The Process of Reverse Engineering

Sunday, February 9th, 2020

Solidworks reverse engineering

Reverse engineering is where something (in this case a product or component) is taken apart to understand how it was put constructed in the first place. It is used in all walks of life in situations where you examine the end result and try and work out how to get there.

It could be applied to pretty much anything, in this post however, we are going to look at reverse engineering when applied to a product, assembly, part or component. In this case it is often used for obsolete parts which are no longer in production or to understand a competitor’s product better or to work out how to create something similar.

The process itself depends on what is found once the project has started, it may be fairly easy and simple or it could take multiple iterations in more complex scenarios.

Reverse Engineering Knowledge

It is years of experience collating a wealth of knowledge that has allowed Thompson Precision to product high quality results quickly. We team our expertise with the latest technologies such as laser scanning, 3D printing and Solidworks design software.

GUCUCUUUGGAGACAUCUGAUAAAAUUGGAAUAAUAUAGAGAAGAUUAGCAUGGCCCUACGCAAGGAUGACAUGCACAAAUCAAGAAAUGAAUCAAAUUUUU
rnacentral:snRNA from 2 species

We are often asked to reverse engineer products, components or assemblies that have ceased production or are obsolete. Understanding how these things were made in the first place means that we can apply the right methods and use the right materials.

There’s no point using high tech materials to produce a part that is going to be used in a machine that’s 30 years old if it means that part won’t gel perfectly, this could cause undue stress and wear on the existing parts. This is where having traditional skills to compliment new technologies comes into its own.

Use of Technology in Reverse Engineering

If an existing part is in existence then we can often scan that part using a laser. This scan is fed into our system and specialist software is used to create a 3D drawing of whatever whas scanned. If a part isn’t available but the drawings of the original one are in existence, then these can also be used and fed into our system. From this scan or from drawings, we can create a 3D model, this is used to cast the end product, component or assembly.

We have the ability to quickly use reverse engineering to create variations using slightly different mechanics, designs or materials to work out what works best both independently or how it works as part of a larger mechanism or product.

This use of more modern techniques allows a much quicker and smoother process overall with less costly reiterations required alongside a much better end result.